Biomedicine & Biotech

A recent and thorough investigation of the scientific literature found no evidence that chiropractic care can prevent or stop the disease in its early stages. The researchers urged chiropractors to “cease such activities until, if ever, new evidence emerges.” It’s doubtful that chiropractors will follow this advice.
Plants can be turned into fuels and chemicals, but much of their stored value is lost in the woody component that's hard to break down. A sea creature, among others, has found a way to get at that additional value. It provides both something we can use – and a reminder about the power of nature and evolution.
The brain has evolved a method of protecting itself called the blood-brain barrier. But the BBB can backfire when it prevents drugs to treat brain diseases – for example, a malignant brain tumor – from reaching the site of the disease. Science has come up with some clever methods for defeating the brain's own defenses.
Ours is a culture that prioritizes instant gratification, and is instinctually reflexive about taking a pill or other fix immediately to end pain. When, actually, it is pain that can in a number of conditions be our greatest gift.
Genetic manipulation can be a force for good, but some voices raise concerns. Not about the unintended consequences, but about their possible, darker uses, as weapons.
Sen. Warren, who has taken flak for claiming Native American ancestry, just released the results of a genetic test that definitively proves ... well, nothing. The U.S. Senator from Massachusetts might be 1/32nd Native American. Or 1/1024th. Nobody really knows.
A new study in Nature Sustainability confirms what we've been saying for a long time: Organic farms produce fewer crops and are worse for the environment. Don't build more of them.
GM crop adoption has been facilitated in developing countries through the development of biosafety frameworks, allowing for thorough risk assessments to be completed. Significant benefits from these crops have come in the domain of socio-economics.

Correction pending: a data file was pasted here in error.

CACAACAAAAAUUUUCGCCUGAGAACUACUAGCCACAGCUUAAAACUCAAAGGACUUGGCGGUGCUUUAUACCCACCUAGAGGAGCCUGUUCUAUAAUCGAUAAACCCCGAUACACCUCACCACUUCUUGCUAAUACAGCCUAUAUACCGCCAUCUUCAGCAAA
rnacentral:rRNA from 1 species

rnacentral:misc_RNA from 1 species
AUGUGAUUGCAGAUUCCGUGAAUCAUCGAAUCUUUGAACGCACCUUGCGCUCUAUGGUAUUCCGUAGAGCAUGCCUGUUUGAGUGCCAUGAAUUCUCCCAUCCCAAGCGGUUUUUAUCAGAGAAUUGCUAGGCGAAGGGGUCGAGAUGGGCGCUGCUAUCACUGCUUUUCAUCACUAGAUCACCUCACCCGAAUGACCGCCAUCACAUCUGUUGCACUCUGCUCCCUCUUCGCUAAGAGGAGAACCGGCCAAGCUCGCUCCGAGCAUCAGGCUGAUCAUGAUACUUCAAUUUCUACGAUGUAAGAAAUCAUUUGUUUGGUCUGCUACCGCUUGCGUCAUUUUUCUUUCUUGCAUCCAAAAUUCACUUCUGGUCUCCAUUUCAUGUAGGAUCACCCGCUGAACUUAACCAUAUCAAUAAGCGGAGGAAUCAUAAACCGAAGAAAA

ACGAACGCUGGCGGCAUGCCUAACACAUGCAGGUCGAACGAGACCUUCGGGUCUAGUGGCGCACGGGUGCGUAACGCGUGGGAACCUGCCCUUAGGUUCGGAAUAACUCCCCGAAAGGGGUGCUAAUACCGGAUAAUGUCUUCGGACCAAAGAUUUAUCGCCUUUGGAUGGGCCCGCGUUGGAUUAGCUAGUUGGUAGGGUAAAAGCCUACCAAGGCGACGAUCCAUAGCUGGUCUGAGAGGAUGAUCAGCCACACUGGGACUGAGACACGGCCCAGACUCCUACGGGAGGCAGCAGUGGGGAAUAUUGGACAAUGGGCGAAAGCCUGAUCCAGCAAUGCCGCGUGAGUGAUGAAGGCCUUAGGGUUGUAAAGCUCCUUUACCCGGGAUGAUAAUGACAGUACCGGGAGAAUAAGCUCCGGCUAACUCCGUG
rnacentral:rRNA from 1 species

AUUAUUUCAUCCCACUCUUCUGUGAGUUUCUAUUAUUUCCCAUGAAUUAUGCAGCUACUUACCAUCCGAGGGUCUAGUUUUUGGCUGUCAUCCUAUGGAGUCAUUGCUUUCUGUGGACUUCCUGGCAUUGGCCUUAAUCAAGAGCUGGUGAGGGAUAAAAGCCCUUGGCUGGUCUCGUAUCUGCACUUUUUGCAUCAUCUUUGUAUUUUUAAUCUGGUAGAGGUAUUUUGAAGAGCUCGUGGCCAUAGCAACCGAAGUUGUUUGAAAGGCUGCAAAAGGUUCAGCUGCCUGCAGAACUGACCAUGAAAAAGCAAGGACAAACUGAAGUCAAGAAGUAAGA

Mosquitos are a global carrier of diseases. Genetically-modified mosquitos can alter their ability to transmit disease or suppress their population. Isn't it time to use this tool in our continued fight against this lethal carrier?
The last major cultivated plant that didn't have its genome sequenced has finally gotten its day in the colinearity sun. The sugarcane genome has entered the modern molecular biology era.
Just like fingerprints, we all have a unique set of behavioral quirks. For example, I tend to drink triple shot, iced vanilla lattes. Before beginning my work, I clean off the table using water and a napkin. (Seriously, why are coffee shop tables always so disgusting?) And, oftentimes, I tip my glasses in a peculiar way as I write my articles. None of these quirks is particularly unique. But taken together, I'm probably the only triple shot, iced vanilla latte-drinking, table-cleaning, glasses-tipping person in Seattle. If I ever committed a crime and the police were out to get me, this combination of quirks may be just enough to identify me.
These type of studies are increasingly found in the literature. But for many of us, the research approach is new, and it's hard to separate the good from the bad. So here are the basics of how these studies work, along with their benefits and limitations.